Pfizer Coronavirus Vaccine: 6 Things You Need To Know

From safety concerns to how it actually works, here's a quick guide.

A 90-year-old has become the world’s first patient to receive the Pfizer/BioNTech Covid-19 vaccine.

Margaret Keenan received the jab at Coventry Hospital on Tuesday morning, as dozens of hospital hubs across the country gear up to deliver millions of vaccines.

The vaccine produced by Pfizer and German biotech company BioNTech has made headlines recently after it was approved for use in the UK.

The company expects to make as many as 50 million vaccine doses this year, enough to protect 25 million people, and then produce up to 1.3 billion doses in 2021.

So what do you need to know about the vaccine? We’ll walk you through what we’ve learned so far.

1. How it works

It’s an mRNA vaccine, so it uses a bit of the coronavirus’ genetic code to prompt the body to initiate an immune response.

While many standard vaccines work by injecting a dead or weakened form of a virus into the body in order to build immunity, RNA vaccines introduce a messenger RNA (mRNA) sequence into the body that contains the genetic instructions for the vaccinated person’s own cells to produce the vaccine antigens and generate an immune response.

It’s a bit like injecting an instruction manual so your body is able to build a bit of the virus protein, which then prompts an immune response. The body then knows how to fight the virus if you come into contact with it in real life. Clever.

The benefit of this particular vaccine is because the RNA is man-made, you don’t need live virus to make a batch of the vaccine. This makes it generally easier to manufacture.

2. Who came up with the idea?

A married couple of Turkish descent are the brains behind the vaccine. Professor Ugur Sahin, 55, and Dr Ozlem Tureci, 53, run German biotech company BioNTech.

Their company primarily specialises in individualised cancer medicine, but in January they pivoted to creating mRNA-based viral vaccines to help fight Covid-19, Sky News reported.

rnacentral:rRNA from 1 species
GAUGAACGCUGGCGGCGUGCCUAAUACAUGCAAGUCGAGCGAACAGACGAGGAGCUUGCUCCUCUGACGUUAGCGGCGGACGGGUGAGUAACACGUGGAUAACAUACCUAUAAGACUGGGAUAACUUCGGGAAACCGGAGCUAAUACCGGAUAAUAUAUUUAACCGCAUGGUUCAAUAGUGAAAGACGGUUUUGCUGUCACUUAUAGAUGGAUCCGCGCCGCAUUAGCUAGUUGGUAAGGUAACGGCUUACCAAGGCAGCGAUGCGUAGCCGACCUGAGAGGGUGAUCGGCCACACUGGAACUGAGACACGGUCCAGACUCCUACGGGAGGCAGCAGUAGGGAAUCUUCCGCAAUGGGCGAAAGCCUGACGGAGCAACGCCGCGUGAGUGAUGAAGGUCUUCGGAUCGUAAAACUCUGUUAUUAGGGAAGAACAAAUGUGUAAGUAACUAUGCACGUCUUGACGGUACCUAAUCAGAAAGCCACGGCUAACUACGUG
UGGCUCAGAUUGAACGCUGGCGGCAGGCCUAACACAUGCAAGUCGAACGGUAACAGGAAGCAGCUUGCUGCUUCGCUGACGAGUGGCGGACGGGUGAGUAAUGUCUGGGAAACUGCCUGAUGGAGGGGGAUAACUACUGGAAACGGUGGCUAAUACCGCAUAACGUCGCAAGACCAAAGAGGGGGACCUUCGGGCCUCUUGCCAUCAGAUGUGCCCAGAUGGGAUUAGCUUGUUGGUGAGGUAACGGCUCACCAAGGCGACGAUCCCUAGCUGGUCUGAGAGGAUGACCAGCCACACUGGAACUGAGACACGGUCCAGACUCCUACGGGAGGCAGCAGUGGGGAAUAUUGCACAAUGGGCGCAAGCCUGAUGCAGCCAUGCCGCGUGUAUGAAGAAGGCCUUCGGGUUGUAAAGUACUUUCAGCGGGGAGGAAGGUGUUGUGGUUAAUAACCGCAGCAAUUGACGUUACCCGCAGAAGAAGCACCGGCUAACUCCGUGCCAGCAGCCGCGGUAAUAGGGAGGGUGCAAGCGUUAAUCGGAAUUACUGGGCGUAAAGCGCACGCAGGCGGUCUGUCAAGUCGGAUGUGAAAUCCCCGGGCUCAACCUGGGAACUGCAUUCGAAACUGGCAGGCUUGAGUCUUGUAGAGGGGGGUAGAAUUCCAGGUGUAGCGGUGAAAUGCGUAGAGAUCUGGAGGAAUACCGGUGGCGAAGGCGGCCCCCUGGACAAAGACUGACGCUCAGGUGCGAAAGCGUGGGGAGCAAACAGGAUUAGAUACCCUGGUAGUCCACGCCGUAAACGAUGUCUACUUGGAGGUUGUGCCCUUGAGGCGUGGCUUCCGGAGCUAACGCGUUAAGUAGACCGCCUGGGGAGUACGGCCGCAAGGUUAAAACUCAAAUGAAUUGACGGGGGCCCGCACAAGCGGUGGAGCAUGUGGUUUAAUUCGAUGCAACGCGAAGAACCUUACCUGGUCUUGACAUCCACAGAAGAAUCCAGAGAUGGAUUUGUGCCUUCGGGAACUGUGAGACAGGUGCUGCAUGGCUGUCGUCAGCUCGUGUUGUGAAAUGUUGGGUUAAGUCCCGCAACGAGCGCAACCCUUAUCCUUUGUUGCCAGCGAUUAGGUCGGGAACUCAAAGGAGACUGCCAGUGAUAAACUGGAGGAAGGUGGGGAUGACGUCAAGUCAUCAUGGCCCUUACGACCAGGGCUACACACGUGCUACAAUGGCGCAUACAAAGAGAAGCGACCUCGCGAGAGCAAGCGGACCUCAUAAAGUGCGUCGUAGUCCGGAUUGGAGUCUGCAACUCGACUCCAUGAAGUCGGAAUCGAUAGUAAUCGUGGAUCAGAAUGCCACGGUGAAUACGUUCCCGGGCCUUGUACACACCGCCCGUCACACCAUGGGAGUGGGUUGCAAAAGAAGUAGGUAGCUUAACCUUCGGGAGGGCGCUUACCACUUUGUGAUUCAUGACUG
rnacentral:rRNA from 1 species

3. How effective is the vaccine?

Data from the Phase 3 clinical trial demonstrated a vaccine efficacy rate of 95%. Efficacy was consistent across age, gender, race and ethnicity demographics, with an observed efficacy in adults age 65 and over of more than 94%.

The vaccine is given in two doses, and protection from the vaccine is achieved 28 days after the first injection. The protection that the vaccine offers is that it can help prevent people from becoming severely ill and needing hospitalisation because of the virus. At this stage we don’t know if it can prevent actual transmission of the virus.

4. Is the Pfizer vaccine safe?

The Pfizer vaccine has been approved for use in the UK by the Medicines and Healthcare products Regulatory Agency (MHRA) which means it’s been deemed safe to use for those aged 16 and over. Further tests are required to determine whether it’s safe for children and pregnant women.

5. Are there any downsides?

One of the biggest issues is that the vaccine needs to be stored at an incredibly cold temperature in order to work (-80 °C to -60 °C), which brings distribution challenges.

Some people may experience side effects from having the vaccine, however this can occur with most vaccines so it’s nothing new. Some of the more common side effects, which may affect one in 10 people, include: pain at the injection site, tiredness, headache, muscle pain, chills, joint pain and fever. People are urged to tell their doctor, pharmacist or nurse if they experience any side effects.

6. What happens to other vaccines now?

Trials of other vaccines are still going ahead around the world – based on results of trials so far, it’s likely there’ll be a few approved vaccines circulating by this time next year.